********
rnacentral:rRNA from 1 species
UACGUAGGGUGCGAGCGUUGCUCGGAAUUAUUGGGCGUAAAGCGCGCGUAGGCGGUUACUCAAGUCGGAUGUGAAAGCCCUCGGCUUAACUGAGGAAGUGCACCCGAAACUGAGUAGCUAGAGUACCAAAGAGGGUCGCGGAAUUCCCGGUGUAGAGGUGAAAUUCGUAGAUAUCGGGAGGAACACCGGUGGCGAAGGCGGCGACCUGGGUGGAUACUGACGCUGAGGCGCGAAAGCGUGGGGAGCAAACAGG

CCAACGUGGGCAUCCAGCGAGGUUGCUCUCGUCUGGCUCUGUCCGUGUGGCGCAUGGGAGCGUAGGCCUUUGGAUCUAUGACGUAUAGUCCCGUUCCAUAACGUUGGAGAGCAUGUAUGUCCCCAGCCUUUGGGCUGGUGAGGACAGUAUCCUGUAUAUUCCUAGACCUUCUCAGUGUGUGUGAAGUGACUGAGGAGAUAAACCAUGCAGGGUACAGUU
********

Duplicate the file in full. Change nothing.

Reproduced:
rnacentral:rRNA from 1 species
UACGUAGGGUGCGAGCGUUGCUCGGAAUUAUUGGGCGUAAAGCGCGCGUAGGCGGUUACUCAAGUCGGAUGUGAAAGCCCUCGGCUUAACUGAGGAAGUGCACCCGAAACUGAGUAGCUAGAGUACCAAAGAGGGUCGCGGAAUUCCCGGUGUAGAGGUGAAAUUCGUAGAUAUCGGGAGGAACACCGGUGGCGAAGGCGGCGACCUGGGUGGAUACUGACGCUGAGGCGCGAAAGCGUGGGGAGCAAACAGG

CCAACGUGGGCAUCCAGCGAGGUUGCUCUCGUCUGGCUCUGUCCGUGUGGCGCAUGGGAGCGUAGGCCUUUGGAUCUAUGACGUAUAGUCCCGUUCCAUAACGUUGGAGAGCAUGUAUGUCCCCAGCCUUUGGGCUGGUGAGGACAGUAUCCUGUAUAUUCCUAGACCUUCUCAGUGUGUGUGAAGUGACUGAGGAGAUAAACCAUGCAGGGUACAGUU